Therefore the LORD longs to be gracious to you,
And therefore He waits on high to have compassion on you.
For the LORD is a God of justice;
How blessed are all those who long for Him.
Isaiah’s prophecies can feel like a litany of judgment; an extensive doom and gloom session about who is going to be punished and when and how. The book can be a bit tough to keep reading at times. In the midst of the judgments is a morsel like this morning’s verse; a reminder that God’s character has never once changed.
There are folks who think that the God of the OT (Old Testament) is all fire and brimstone and nuke-’em-from-orbit. While His judgments, taken without the full historical context as they generally are, can sounds harsh, He is always ready to postpone or rescind the judgment in favor of grace.
Isaiah writes the reminder that the LORD longs to be gracious to you and waits on high to have compassion on you. God is not a cosmic killjoy Who looks for ways to ruin every bit of fun I have, but a Judge Who wants nothing more than to be able to grant clemency. He is so eager to be gracious and compassionate that He is literally waiting and longing to do so.
Isaiah points out one other thing: The LORD is a God of justice. Juxtaposed with the waiting and longing to be gracious and compassionate, this might seem odd, but it carries within it a recognition of something that Isaiah gave voice to earlier in the book: the people deserve punishment. Isaiah said that he was undone because he had unclean lips and dwelt among a people of unclean lips. They deserved to be punished for that, if nothing else. For Isaiah, who recognized his situation, God sent one of the attendant angels to purge Isaiah’s lips with a coal from the altar. No pain is recorded, only the commission that follows. God aches to be gracious and compassionate, but there can be no grace until we recognize that we need grace; that we are inherently unlovable and innately flawed and sinful. There can be no compassion until we are struck by the magnitude of the wrong within us. Justice leads us to recognize just how wrong and sinful and unlovable we truly are. Once we have reached that point, compassion and grace can be poured out in ways that will buoy us up into them.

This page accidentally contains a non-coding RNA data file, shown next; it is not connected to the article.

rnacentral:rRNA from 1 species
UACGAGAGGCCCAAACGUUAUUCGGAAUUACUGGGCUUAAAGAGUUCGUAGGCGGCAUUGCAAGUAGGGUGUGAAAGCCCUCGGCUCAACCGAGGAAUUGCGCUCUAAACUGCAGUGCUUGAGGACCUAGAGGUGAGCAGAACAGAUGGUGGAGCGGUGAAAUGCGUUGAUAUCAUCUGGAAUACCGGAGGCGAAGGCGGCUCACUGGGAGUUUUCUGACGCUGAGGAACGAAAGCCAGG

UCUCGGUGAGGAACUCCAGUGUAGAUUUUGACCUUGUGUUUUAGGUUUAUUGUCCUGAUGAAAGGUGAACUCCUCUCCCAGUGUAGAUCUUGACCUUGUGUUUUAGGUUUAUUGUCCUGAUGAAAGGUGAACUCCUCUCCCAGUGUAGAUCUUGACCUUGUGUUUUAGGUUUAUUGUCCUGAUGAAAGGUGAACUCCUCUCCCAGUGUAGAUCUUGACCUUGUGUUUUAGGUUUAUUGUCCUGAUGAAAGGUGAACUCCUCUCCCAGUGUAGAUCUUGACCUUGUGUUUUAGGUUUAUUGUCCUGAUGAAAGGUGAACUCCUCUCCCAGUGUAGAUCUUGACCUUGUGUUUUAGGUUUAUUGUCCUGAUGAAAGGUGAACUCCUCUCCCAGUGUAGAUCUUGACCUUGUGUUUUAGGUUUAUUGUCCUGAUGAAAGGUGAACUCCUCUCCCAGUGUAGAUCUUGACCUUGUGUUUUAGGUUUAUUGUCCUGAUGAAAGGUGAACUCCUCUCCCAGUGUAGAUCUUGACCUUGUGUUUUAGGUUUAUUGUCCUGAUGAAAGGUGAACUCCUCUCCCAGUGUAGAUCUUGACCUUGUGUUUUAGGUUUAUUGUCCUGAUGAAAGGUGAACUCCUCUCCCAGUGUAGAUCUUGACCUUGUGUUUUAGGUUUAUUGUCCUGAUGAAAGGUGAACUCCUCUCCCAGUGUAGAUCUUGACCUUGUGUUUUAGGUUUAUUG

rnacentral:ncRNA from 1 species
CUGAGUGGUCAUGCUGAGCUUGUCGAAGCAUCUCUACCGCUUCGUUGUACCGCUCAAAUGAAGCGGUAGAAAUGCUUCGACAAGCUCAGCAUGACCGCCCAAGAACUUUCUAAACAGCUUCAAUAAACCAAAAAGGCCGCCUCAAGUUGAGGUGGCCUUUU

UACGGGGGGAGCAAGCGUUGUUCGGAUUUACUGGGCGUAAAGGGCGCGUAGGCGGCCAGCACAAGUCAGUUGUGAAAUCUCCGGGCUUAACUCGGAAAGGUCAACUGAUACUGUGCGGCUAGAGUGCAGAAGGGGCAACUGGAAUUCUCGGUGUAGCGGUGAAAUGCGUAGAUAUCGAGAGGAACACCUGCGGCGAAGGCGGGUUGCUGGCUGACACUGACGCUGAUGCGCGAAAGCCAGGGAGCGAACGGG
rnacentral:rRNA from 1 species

Do I truly recognize how sinful I am? Not the nation in which I live or the people around me, but me. Isaiah was a devout Jew, in his time. It is not only non-believers who are sinners or who have sin that distorts their lives. Do I understand how desperately I need God’s grace every day? God longs to give me that grace. He waits — much like the racer waits at the block, I imagine — to be compassionate. Today, this very moment, let me own my sinfulness apart from Him and loose the grace and compassion that His justice restrains. Let me unlock the floodgates that God wants to swing wide. Let my life be inundated with compassion and grace today. Let His longing to be gracious and compassionate be met with a reciprocal longing in me to receive His compassion and grace.